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UCLA

Lawmakers: No Master Plan Makeover

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By Kim Kowsky '86, M.F.A. '00

Published Apr 1, 2010 8:00 AM


A legislative review of the California Master Plan for Higher Education may give the venerated, 50-year-old document new window dressing, but critics who contend the plan has "outlived its usefulness" shouldn't expect an extreme makeover.

"The purpose, principles and structure of the Master Plan are sound," says California State Assemblyman Ira Ruskin (D-Redwood City), who is co-chairing the 20-member bipartisan and bicameral committee undertaking the legislative review of the plan with State Senator Gloria Negrete McLeod (D-Chino). "We need to recommit ourselves to its promise."

The Master Plan, which promised a tuition-free higher education to all California high school graduates, is largely credited with laying the foundation for the state's economic growth and prosperity over the past several decades. A legislative committee has reviewed the Master Plan roughly every 10 years since its inception. The current review will address four main areas: eligibility and access, affordability and financing, accountability and quality, and coordination and efficiency.

Designed by University of California President Clark Kerr and Gov. Pat Brown in 1960, the Master Plan created basic distinctions in the programs offered and types of students served among the three systems of higher education.

UC was to focus on undergraduate and graduate education and research, and would enroll students from the top 12.5 percent of high school graduating classes. CSU would offer an undergraduate education and would enroll the top 33 percent of high school graduates. Community colleges would be open to all levels of students and would provide vocational training as well as a two-year general education that would allow qualified students to transfer to UC.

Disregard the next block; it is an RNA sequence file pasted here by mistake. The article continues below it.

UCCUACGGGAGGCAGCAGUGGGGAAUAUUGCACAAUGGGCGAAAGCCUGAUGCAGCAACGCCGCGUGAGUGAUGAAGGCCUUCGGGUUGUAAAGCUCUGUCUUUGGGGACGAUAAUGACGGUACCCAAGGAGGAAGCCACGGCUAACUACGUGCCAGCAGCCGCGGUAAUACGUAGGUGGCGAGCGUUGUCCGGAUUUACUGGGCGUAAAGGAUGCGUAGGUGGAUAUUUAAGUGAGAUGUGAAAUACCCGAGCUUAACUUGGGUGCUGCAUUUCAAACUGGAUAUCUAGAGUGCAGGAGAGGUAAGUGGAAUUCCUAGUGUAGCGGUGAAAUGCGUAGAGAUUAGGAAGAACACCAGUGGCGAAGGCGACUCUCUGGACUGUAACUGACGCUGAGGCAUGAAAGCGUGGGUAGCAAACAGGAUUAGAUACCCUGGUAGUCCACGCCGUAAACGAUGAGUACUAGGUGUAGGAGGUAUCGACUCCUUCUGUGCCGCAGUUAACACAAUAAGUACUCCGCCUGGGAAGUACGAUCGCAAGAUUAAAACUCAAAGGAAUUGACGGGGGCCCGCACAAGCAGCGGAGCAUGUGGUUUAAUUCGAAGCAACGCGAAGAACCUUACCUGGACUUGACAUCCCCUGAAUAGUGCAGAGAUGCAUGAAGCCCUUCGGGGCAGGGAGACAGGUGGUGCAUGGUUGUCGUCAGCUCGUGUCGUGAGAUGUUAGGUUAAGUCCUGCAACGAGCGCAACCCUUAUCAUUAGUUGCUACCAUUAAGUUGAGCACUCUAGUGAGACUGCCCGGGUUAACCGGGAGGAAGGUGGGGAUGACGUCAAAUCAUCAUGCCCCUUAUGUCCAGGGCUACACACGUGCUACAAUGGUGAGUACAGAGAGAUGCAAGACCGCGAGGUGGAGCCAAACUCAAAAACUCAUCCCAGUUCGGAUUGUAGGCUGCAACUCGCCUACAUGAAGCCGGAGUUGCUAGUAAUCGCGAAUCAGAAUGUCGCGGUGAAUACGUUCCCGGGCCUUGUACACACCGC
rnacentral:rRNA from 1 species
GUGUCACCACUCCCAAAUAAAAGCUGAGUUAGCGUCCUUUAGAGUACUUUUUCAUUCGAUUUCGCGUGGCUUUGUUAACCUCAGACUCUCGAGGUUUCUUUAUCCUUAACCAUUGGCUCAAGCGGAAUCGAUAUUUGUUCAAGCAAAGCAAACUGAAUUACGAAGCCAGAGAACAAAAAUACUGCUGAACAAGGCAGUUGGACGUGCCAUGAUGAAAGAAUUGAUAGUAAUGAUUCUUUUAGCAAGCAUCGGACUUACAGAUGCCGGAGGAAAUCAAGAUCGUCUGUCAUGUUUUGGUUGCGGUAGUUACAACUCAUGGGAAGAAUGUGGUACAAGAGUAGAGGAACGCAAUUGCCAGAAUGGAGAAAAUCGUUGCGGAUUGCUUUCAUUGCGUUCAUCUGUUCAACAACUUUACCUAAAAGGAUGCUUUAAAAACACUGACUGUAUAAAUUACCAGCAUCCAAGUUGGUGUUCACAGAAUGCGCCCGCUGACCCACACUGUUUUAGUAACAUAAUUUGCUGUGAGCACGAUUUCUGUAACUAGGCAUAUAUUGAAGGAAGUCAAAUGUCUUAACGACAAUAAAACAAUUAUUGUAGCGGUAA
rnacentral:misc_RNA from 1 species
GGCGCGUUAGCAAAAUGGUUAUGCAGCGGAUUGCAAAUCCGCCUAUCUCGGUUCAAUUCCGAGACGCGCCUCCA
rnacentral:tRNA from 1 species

Although state funding shortfalls have eroded the no-tuition policy, student fees and state financial aid have helped keep the system solvent. But demographic changes have created huge challenges with a high number of high school graduates now entering the community colleges ill-prepared for college-level work. Only one out of four community college students receives a degree or transfers to a UC within six years. And the Public Policy Institute of California estimates that by 2025, the system will produce 1 million fewer graduates than needed to meet demand.

The system was thrown into additional turmoil last year when massive funding cutbacks caused widespread faculty furloughs, employee layoffs, class reductions and substantial fee increases.

While past reviews have suggested improvements, the Master Plan has never carried a legal mandate, leaving some stakeholders skeptical that a revised plan will have much impact on how legislators allocate state dollars.

"There is no way to fulfill the Master Plan with the current financial capacity and structure that California has," Charles B. Reed, chancellor of the California State University system, told the Chronicle for Higher Education last year.

In his remarks to the committee, former UCLA Chancellor Charles E. Young M.A. '57, Ph.D. '60 took issue with the idea that the Master Plan has grown outdated in any way, citing instead funding shortfalls and a faltering K-12 system that is producing high school graduates who "are not prepared well to partake of higher education in any of the systems."

"I don't think the major problems that we are confronting today are a result of inadequacies in the Master Plan," Young said.

But UC President Mark G. Yudof, contending that "we have to rethink our education model," described a number of cost-cutting areas the committee could consider, including raising faculty-student ratios, shortening the time it takes for students to earn degrees, cutting down on prerequisites for majors and expanding the number of virtual courses offered.

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